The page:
thatensue. A graphicdepictionof severalof recognitionand mis-recognition theseintersections, ofwealth placingindividualsand couplesin theintersection ownership,income levels, occupations,gender,race, ethnicity,age and statusis thewell known"AmericanProfilePoster"accompanying employment Rose's periodic descriptionof U.S. social stratification (Rose, 1992). A howthorough, hasmeaningonlywithina specific nomatter however, description, in itself,as an accountofthemultiplicity context.Intersectionality of theoretical individualsexperiences,or as a studyof the patterned locationseffecting individualsclaim forthemselves variationsin theidentities regardlessof those locations,cannotexplaineitherthesourcesofinequalitiesor theirreproduction bases of power mustbe placed in the "institutional overtime;intersectionality shapingrace,class and gender"(Collins,1997:74). Whatare theseinstitutional toits them?Howdo we linkintersectionality basesofpower?Howdo we identify those"interlocking" structures ofpossibility, ofoppression? macrolevelconditions runsinto a theoretical dead end whichthe It is herethattheRGC perspective hidenor abundanceofmetaphors etc.)canneither intersecting, (e.g.,interlocking, ofdomination theexistenceofa "basicrelationship overcome.Collinspostulates withintheAmericanpoliticaleconomywhichis "shaped"by and subordination" the"race,classandgenderinterlocking (Collins,1993:29). RGC studies, system" ofexisting as Andersenand Collinspointout,requirethe"analysisand criticism ofpowerand privilege"(Andersenand Collins,1995:xiii). Whilethey systems of unequal or "basic" structure postulatetheexistenceof a morefundamental powerrelationsand privilegewhichunderliesrace,genderand class, no macro level theoreticalperspectiveis offeredto identifythis basic, fundamental becomes Itis atthispointthattheformalnatureoftheRGC perspective structures. clear:race,genderand class have become,forall practicalpurposes,takenfor in all remainsinvariant categoriesofanalysiswhosemeaningapparently granted theoriesofrace, andcontexts.Therearemanycompeting frameworks theoretical gender,class, Americansociety,politicaleconomy,power,etc. butno specific is invokedto definehowthetermsrace,genderand class are used,or to theory howtheyarerelatedtotherestofthesocialsystem.To someextent, race, identify and interlockings havebecomea mantra genderand class and theirintersections abouttheir fora tacitagreement tobe invokedin anyandall theoretical contexts, studies RGC have seems to and developed among meaning ubiquitousness to documenttheir advocates,so thatall thatremainsto be done is empirically thathappensis, by definition, foreverything intersections raced, everywhere, classed,and gendered.This pragmatic acceptanceofrace,genderand class, as and theresortto experienceas the oftheory, givens,resultsin thedownplaying of source of knowledge.The emphasison experiencein the construction reflect totheories as a corrective is intended that,presumably, onlythe knowledge of understanding experienceofthepowerful.RGC seemsto offera subjectivist oftheindividual oftheexperience andconsciousness as simplya reflection theory theorist,ratherthan as a body of propositionswhich is collectivelyand ofpossibility which specificconditions producedunderhistorically systematically as those conditions for as historical them Instead, prevail. long validity grant of orreflection conceivedas theproducts arepragmatically andtheory knowledge and relative so that as such, and, greateraccuracy unavoidably partial, experience completenesscan be approximatedonly throughgatheringthe experiential accountsofall groups.Such is theimportance givento theroleofexperiencein tothefirstsection thatintheeightpageintroduction ofknowledge theproduction six times(Andersen thewordexperienceis repeatedthirty ofan RGC anthology, and Collins,1995:1-9).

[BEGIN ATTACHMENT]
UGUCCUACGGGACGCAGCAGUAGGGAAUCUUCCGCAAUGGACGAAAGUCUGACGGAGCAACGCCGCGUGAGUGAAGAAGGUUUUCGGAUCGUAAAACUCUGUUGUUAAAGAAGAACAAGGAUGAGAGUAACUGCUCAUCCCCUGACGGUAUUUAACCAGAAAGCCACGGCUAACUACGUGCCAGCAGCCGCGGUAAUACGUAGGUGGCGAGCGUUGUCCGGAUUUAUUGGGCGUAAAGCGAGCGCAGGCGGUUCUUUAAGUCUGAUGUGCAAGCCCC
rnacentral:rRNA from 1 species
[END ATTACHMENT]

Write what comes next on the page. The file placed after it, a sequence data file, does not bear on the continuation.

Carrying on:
This content downloaded from 149.68.13.33 on Sun, 9 Feb 2014 17:28:38 PM All use subject to JSTOR Terms and Conditions